Mead’s popularity is currently on the rise throughout the world and, with continued education and marketing, will someday fill the shelves of many retail outlets. As more and more New Mexicans become familiar with mead wine and how it pairs with our spicy local cuisine, sales will rise here as well. I can tell you that as a child growing up in a household with parents and relatives from Great Britain, my first encounter with mead wine was as a holiday drink infused with fruit and spices. I remember my mother pulling a hot poker from the fireplace and plunging it into the wine to warm it. We all watched in excitement because it was the only alcoholic drink we were ever allowed.
During my visit to Falcon Meadery, I had an opportunity to discuss with Darragh and Stephen an issue that has been in the news lately; that is the apparent growing disappearance of honey bees, referred to as CCD (Colony Collapse Disorder). It’s a problem that has many apiarists (those who keep and study bees) and entomologists (those who study insects) very concerned. No one is quite sure of the cause at this point; there have been as many theories as there are hives. Some scientists think it’s related to damage of the bees’ immune system caused by spraying for dangerous pests. Darragh says that Falcon gets its honey from bees that pollinate the wildflowers in Northern New Mexico and, so far, they remain unaffected and healthy. Because honey is the main product in mead production, it’s a very important issue for Falcon Meadery. Darragh and Stephen have their own theory on the bees’ disappearance; Darragh feels that one of the causes is the increase of genetically modified plants; this has changed what the bees (who have been around for millions of years) are pollinating. Although there is no proof of this, Pete Seeger once said in a song, “Where have all the flowers gone?” Note that his ending is “When will they ever learn?”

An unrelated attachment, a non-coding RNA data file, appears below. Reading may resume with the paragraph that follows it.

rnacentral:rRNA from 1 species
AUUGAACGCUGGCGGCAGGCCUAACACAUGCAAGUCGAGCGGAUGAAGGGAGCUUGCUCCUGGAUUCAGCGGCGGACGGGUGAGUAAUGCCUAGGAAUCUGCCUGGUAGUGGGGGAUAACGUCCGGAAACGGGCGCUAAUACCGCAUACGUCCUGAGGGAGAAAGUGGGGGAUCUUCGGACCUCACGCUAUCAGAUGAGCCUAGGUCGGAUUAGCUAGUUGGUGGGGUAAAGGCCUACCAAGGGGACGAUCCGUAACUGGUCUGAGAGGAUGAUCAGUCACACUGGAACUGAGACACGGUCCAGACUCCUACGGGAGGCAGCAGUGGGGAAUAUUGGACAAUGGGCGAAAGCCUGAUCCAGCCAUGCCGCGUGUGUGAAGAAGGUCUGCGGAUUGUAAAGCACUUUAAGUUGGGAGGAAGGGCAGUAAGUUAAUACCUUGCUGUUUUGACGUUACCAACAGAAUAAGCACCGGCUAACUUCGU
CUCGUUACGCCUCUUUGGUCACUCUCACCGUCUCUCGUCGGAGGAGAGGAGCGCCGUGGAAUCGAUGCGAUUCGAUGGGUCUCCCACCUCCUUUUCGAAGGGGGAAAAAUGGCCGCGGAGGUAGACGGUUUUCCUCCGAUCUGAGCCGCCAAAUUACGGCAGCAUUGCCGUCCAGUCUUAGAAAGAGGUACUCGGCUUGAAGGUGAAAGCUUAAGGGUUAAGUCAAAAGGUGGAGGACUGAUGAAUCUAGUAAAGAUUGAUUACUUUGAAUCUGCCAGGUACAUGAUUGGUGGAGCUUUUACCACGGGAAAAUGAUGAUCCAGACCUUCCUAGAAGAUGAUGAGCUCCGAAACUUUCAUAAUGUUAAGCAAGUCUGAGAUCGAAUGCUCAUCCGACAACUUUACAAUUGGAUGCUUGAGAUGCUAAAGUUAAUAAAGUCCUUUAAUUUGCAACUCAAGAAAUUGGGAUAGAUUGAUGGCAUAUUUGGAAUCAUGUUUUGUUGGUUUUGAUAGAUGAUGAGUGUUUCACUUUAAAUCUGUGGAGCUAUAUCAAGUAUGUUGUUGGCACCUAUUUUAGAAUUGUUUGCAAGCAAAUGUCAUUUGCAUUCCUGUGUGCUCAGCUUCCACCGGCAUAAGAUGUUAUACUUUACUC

Now that I have shared all the information I have on mead wine with you, I know you can’t wait to purchase some and enjoy, as I have, the Nectar of the Gods. Mead wines can be purchased at Falcon Meadery, located in Santa Fe at 1572 Center Drive, Suite E. Center drive runs between Airport Road and Camino Entrada. The phone number is 505-471-3432. Please note the hours are Monday to Friday from 10 to Noon and 1 to 3pm. You can make an appointment to visit on weekends by calling the number listed above.
For comments, email; firstname.lastname@example.org
If you live outside the Santa Fe area and wish to purchase Falcon mead wine, check on Falcon’s web site; www.falconmead.com and click on the link, where to purchase Falcon mead. You can also contact Boutique Wines of New Mexico at 505-471-1757, or request your local wine shop or liquor store to order it for you. You won’t be disappointed!
Latest posts by Edible Santa Fe (see all)
- Resourcefulness Provides Purpose for Ironwood Farm - February 15, 2018
- A Glass of Spring - February 13, 2018
- Late Winter Issue: Do It Yourself - February 12, 2018